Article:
By Dom Nozzi
June 26, 2016
I respect and appreciate the concerns people have about traffic safety. I share the concern and am extremely motivated to leverage it to see that communities adopt meaningful measures to increase traffic safety.
One relatively recent, encouraging initiative that has emerged in places such as New York City is known as “Vision Zero,” which strives to reduce the number of traffic fatalities and serious crashes each year to zero.
Speaking as someone who has worked academically and professionally in transportation for about 35 years, I must be honest and say that I don’t believe stiffer criminal/civil penalties would be effective. Yet this is a very common tactic that is urged to increase traffic safety.
I am quite convinced that the main cause of the many traffic fatalities and serious crashes (and road danger in general) is due to our communities being afflicted with oversized streets and intersections. Those factors, in combination with several decades of traffic planners designing “forgiving” streets and installing an overwhelming number of “safety” measures (such as road paint, signage, lights, etc.) have created a huge traffic safety problem in our communities. These factors have induced an enormous amount of excessive driving speeds and a lot of inattentive driving. Those two features are deadly when motorists so often drive that way (and they drive that way largely because of the road design we have put in place — ironically, mostly in the name of safety).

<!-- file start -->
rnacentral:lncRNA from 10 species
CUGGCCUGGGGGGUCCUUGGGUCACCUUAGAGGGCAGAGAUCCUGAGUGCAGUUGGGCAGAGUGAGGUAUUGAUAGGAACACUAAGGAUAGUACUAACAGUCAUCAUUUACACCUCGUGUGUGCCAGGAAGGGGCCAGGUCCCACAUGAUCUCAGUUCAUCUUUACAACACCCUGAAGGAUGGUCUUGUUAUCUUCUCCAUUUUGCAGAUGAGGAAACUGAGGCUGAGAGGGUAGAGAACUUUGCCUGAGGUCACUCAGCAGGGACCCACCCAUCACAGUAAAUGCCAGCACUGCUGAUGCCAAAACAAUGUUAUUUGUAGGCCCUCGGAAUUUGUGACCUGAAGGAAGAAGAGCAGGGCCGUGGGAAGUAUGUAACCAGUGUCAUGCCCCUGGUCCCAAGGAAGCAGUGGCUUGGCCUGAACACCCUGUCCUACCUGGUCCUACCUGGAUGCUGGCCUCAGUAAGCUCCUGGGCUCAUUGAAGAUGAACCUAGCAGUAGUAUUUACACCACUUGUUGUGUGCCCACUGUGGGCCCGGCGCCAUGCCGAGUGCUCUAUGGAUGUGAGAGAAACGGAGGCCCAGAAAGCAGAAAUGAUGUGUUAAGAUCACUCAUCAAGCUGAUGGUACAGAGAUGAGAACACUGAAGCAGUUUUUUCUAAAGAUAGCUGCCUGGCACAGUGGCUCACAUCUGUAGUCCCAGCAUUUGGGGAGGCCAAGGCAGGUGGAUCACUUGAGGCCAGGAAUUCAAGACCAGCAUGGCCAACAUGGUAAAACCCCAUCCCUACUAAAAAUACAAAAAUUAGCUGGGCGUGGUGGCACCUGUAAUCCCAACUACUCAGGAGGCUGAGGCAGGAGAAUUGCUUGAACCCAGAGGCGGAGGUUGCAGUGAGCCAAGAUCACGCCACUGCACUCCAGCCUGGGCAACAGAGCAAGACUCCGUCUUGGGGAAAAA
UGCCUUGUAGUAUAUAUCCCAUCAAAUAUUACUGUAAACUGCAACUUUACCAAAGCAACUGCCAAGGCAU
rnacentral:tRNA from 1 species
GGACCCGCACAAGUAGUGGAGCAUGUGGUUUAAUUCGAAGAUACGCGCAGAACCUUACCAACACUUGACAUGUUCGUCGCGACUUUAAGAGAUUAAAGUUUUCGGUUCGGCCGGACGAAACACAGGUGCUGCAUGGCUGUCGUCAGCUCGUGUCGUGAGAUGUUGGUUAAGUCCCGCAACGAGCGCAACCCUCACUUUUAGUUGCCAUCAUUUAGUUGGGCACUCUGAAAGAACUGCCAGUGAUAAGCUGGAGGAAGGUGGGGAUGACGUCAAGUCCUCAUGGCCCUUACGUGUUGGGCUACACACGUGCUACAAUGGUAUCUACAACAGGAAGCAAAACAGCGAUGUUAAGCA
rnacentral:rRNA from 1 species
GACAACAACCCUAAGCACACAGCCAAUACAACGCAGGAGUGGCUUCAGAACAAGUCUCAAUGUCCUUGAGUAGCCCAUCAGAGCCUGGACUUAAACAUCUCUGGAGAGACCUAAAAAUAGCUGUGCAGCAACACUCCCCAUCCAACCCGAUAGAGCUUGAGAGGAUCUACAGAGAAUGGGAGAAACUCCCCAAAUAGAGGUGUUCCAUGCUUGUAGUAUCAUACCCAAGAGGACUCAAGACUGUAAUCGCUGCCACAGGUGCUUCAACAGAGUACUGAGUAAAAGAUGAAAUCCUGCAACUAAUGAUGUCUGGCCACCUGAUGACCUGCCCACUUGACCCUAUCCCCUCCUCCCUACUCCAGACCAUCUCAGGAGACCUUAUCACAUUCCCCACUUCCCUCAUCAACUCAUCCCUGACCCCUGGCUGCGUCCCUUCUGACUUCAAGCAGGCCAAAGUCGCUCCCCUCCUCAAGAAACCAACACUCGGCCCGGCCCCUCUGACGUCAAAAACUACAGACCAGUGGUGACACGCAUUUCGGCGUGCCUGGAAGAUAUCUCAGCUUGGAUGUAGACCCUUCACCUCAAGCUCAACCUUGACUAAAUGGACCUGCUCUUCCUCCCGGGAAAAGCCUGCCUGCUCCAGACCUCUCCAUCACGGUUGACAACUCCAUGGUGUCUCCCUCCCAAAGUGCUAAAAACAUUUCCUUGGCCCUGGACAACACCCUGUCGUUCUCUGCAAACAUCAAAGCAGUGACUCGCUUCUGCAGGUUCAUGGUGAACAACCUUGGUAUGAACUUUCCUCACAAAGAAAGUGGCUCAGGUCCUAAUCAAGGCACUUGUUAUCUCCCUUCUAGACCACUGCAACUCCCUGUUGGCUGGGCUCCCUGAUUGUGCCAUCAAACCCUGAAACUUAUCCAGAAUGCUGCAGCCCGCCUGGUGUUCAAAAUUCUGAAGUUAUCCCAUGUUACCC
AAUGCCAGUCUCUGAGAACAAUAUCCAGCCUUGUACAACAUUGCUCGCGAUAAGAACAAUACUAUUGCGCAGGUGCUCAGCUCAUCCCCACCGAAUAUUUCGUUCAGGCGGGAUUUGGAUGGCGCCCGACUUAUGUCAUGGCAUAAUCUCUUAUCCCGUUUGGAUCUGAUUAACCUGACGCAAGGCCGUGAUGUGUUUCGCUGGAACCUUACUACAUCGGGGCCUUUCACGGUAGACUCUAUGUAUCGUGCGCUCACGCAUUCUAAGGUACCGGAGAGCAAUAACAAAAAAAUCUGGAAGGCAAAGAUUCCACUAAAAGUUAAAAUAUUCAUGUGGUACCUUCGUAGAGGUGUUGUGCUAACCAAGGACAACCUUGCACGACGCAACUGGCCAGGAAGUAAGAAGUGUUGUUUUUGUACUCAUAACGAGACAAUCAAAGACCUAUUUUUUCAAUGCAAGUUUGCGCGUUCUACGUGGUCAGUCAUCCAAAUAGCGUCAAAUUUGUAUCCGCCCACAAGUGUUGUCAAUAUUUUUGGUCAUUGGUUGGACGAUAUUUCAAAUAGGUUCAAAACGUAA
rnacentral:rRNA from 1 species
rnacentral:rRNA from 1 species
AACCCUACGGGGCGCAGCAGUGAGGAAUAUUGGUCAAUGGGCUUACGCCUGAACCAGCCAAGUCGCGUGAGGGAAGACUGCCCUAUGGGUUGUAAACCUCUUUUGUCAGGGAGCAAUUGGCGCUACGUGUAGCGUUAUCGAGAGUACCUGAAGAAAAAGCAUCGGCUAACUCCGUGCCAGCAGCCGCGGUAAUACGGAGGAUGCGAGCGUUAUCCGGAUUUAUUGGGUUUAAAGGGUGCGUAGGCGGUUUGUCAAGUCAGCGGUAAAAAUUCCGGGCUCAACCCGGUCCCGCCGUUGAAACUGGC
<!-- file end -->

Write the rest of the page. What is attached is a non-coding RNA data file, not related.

Unless communities starts getting serious about incrementally installing and retrofitting road designs that will effectively reduce driving speeds and inattentiveness (and transportation professionals are well aware of what those designs consist of), I don’t believe we will see any meaningful reduction in road deaths.
Frankly, I don’t believe that law enforcement measures would help much at all on this very important problem. Many communities have adopted quite aggressive enforcement measures for several decades, yet they (and nearly all other communities) have seen road safety continue to worsen over those decades.
I question whether fear of severe penalties would effectively and comprehensively motivate drivers to drive slower and more attentively. Let’s face it: Most of us are very busy, stressed and exhausted. If we design streets so they are too big and forgive us for, say, multitasking while we drive, most of us will drive too fast (to save precious time) and be inattentive — particularly if the road design enables that sort of driving. Penalties can never been applied for more than a tiny number of infractions, so even if the penalties are severe, most are unlikely to be deterred.
Enforcement is common because it is comparatively quick, easy and cheap, but it took us about a century to get to where we are today. It will therefore take us a long time to start ratcheting down the real causes of road safety problems: oversizing and designing for inattentiveness.